A Win for Democracy
A Maryland judge made a little noticed but very important ruling.
Government overreach. Gross abuse of taxpayer money. Abuse of power. Trampling on the rights of citizens to petition their government.
Here we are not talking about some tea party attack but a precedent-setting court action in one of America’s most liberal counties — Montgomery County, Md. – as reported in Monday’s Washington Post.
Here is the back story: The county executive and the county council sided with the police chief to take away bargaining rights from the police union. The police union gathered more than 35,000 signatures to take the issue to the ballot in November of 2012.
[See a collection of political cartoons on the tea party.]
First, the county spent hundreds of thousands of dollars on legal fees to keep the referendum off the ballot. They lost. Then, instead of forming a campaign committee to advocate for their position in the upcoming election, County Executive Ike Leggett authorized a full-fledged political campaign to support Question B using taxpayer funds and county employees on county time. How was this justified? By claiming it was “government speech.”
So the county hired political consultants, produced political mailers targeting 163,000 households, used its computers, website and its list of 125,000 email addresses, produced yard signs and flyers, put bus signs on its buses, which were viewed 540,000 times a day, and produced advertising – all with taxpayer’s money.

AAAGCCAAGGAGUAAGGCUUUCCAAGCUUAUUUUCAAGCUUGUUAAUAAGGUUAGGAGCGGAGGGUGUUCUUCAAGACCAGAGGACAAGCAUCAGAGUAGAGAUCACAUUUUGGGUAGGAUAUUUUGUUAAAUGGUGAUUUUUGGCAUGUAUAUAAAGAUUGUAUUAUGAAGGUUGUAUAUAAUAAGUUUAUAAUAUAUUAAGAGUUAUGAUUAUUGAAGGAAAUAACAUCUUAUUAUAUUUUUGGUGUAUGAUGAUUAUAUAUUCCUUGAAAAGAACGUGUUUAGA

As Judge Ronald Rubin wrote in his decision declaring the actions illegal, “the County crossed the line from providing information to a full bore partisan political campaign.” He also added, “It is beyond question that the referendum process itself is subject to the Election Law, including its campaign finance disclosure provisions.”
Ike Leggett and the Montgomery County government did not comply with the state law, they did not file a campaign committee, they did not report raising and expending funds, they did not pass “Go.” Instead, they went ahead and conducted a political campaign without regard for the proper legal process, based on the interpretation of an email from a state lawyer that the judge called “too thin a reed to support the blanket rule for which the defendants argue.”
[See a collection of political cartoons on the economy.]
Why is this important beyond a local dispute? The reason that this lawsuit was brought against the county was to uphold the democratic process, to ensure that such actions by a government, violating the law, would not stand. If Montgomery County was allowed to spend whatever it takes of taxpayer’s funds in a political campaign and command their employees to work on a campaign, our country is in trouble.
Think about it. How about initiatives and referenda dealing with abortion, or gun control, or gambling, or other worker’s rights questions — is it OK for government to employ a complete political campaign to advocate for one side or the other? With your money? Totally outside campaign laws?
In the end, Rubin ruled that, “based on this court’s factual findings, the question is not even a close call.”
Process matters. Fairness and democratic principles matter. That is a very important bottom line.